(From right)Muneko Ishimoto, certified social worker; Chris Dolan, the Refugee Law Project; Yusrah Nagujja, UN Women Uganda; and Junichiro Kosaka, UNHCR Japan

Nagujja (UN Women Uganda) introduced efforts to bring women into the GBV aid process through capacity building projects primarily for South Sudanese refugees in Uganda. She said while the need for improved SGBV services has been recognized, the overall funding of the response is so poorly met that trauma support continues to be under-prioritized. She also stressed the need for comprehensive and long-term support by gender mainstreaming, women empowerment and collaboration with other sectors (health, education, food and nutrition, environment, peace building).

Dolan (Refugee Law Project) talked about the unique stigma of male victims. Because GBV often has a significant impact on a man's sexual identity, many victims cannot come forward, and because there is a social knowledge gap regarding rape of males, there is not much support available to men. He stressed the importance of enabling the victims to talk about what has happened to them and engaging all in ending GBV against women and men.

Ishimoto (certified social worker) talked about GBV cases in disaster-struck areas of the Great East Japan Earthquake. She explained the persistent and deep-rooted acceptance of violence in Japan and argued that GBV is not “somebody else's problem.”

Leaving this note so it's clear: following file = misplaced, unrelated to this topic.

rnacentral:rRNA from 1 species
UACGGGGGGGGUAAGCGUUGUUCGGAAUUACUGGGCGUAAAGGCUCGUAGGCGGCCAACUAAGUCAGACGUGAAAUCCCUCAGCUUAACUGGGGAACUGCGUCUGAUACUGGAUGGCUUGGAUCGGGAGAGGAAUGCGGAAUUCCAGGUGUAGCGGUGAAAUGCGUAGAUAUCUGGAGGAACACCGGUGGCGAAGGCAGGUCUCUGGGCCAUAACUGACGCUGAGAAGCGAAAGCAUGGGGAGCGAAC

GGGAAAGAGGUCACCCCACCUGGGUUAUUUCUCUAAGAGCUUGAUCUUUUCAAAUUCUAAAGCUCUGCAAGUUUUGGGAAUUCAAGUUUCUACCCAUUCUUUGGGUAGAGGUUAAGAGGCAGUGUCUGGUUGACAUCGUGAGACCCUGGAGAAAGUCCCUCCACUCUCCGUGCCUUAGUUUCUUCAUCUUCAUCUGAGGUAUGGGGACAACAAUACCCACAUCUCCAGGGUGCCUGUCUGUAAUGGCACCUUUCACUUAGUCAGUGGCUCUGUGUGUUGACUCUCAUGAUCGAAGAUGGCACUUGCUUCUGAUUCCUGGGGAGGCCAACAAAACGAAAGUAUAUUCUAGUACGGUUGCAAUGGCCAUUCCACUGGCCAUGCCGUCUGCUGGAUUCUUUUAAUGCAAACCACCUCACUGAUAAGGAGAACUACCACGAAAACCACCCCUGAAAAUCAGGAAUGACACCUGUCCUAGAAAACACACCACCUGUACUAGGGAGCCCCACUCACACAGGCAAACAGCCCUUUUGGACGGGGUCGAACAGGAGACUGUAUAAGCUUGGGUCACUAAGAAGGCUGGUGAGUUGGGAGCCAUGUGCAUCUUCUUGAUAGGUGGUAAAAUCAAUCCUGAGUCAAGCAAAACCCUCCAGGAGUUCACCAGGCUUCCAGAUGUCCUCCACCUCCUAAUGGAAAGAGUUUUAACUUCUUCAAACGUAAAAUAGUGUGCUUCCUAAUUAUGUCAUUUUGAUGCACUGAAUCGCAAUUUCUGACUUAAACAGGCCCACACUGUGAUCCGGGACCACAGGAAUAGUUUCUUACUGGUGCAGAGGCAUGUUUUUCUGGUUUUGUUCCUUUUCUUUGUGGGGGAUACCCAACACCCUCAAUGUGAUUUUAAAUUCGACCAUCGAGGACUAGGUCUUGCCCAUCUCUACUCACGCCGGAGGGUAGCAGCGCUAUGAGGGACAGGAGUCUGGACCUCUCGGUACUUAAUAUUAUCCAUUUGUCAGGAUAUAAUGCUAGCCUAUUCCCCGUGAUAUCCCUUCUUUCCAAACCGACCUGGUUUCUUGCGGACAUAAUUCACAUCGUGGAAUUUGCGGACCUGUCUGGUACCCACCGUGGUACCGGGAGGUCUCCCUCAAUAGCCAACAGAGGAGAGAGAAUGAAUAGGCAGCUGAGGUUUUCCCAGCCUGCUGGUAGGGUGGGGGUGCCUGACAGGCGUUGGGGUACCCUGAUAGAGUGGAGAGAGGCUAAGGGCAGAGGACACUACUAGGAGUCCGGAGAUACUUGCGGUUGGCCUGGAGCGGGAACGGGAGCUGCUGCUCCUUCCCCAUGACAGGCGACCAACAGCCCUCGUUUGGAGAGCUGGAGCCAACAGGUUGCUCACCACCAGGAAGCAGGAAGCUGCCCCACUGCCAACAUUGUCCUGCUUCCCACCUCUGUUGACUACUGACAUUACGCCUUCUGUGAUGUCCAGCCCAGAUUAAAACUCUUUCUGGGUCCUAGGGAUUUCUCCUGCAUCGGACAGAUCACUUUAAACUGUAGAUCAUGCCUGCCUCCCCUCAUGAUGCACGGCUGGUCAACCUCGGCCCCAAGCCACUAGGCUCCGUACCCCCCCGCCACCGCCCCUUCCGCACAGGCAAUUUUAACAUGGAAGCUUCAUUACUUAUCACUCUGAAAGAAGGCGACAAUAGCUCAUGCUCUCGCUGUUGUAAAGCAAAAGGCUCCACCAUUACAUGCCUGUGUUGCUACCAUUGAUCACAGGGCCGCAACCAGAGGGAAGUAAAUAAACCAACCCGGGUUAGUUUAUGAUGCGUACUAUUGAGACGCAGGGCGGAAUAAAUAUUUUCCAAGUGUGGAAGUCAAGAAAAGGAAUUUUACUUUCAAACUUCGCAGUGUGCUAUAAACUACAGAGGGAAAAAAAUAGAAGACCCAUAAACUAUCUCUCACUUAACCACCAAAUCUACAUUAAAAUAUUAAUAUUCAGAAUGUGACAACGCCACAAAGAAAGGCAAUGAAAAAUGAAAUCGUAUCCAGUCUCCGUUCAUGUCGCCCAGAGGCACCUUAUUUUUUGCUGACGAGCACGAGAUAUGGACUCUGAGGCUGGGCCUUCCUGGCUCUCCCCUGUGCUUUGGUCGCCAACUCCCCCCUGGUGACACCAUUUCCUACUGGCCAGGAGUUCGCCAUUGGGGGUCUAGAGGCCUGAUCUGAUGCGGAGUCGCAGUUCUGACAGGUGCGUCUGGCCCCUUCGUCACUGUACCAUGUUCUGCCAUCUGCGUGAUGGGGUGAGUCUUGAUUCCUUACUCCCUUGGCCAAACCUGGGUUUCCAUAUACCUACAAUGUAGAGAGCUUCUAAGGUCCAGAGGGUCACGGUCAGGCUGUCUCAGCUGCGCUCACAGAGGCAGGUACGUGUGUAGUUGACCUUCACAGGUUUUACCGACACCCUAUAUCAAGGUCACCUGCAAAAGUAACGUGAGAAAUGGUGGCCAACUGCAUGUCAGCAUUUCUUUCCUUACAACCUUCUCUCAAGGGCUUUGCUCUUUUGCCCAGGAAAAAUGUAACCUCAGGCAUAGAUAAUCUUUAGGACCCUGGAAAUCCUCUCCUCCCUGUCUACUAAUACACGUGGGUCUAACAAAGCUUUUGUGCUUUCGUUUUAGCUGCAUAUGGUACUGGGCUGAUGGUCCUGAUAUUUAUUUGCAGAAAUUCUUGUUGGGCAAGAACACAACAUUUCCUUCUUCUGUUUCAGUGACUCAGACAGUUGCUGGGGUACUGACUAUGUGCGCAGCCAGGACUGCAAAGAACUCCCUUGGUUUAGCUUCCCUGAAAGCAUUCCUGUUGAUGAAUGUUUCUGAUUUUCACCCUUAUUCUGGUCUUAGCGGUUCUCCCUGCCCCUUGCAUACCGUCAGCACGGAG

Ronald Sebba, lecturer in the School of Women and Gender Studies at Makerere University, and Miho Fukui of the Association for Aid and Relief Japan (AAR), a Japanese NGO, spoke as commentators. Sebba talked about the difficulties of supporting the 1.4 million refugees entering Uganda and the need to sustain humanitarian assistance when lasting several years. He also stressed the need for bottom-up aid in the community like medical intervention, considerations to victims who are not seeking help, and the ability to identify true needs. Fukui followed with a summary of the points made by each speaker. She said because Uganda has refugee settlements rather than refugee camps for temporary protection, the host country has a big influence on refugee aid.

Ronald Sebba from Makerere University and Miho Fukui of the Association for Aid and Relief Japan served as commentators

There were many questions from the audience, showing a high interest in the problems of GBV in refugee settlements.

Furthermore, Kawaguchi, Dolan, Sebba and Fukui reported the findings of this research project at the panel presentation "Overcoming Gender Based Violence" at the International Political Science Association (IPSA) conference held Aug. 10–11 at Nagasaki University, where they answered many questions from attending researchers.


Interview: “Challenges Faced While Helping Male Victims of Sexual Violence in Conflict Situations” with Chris Dolan, Refugee Law Project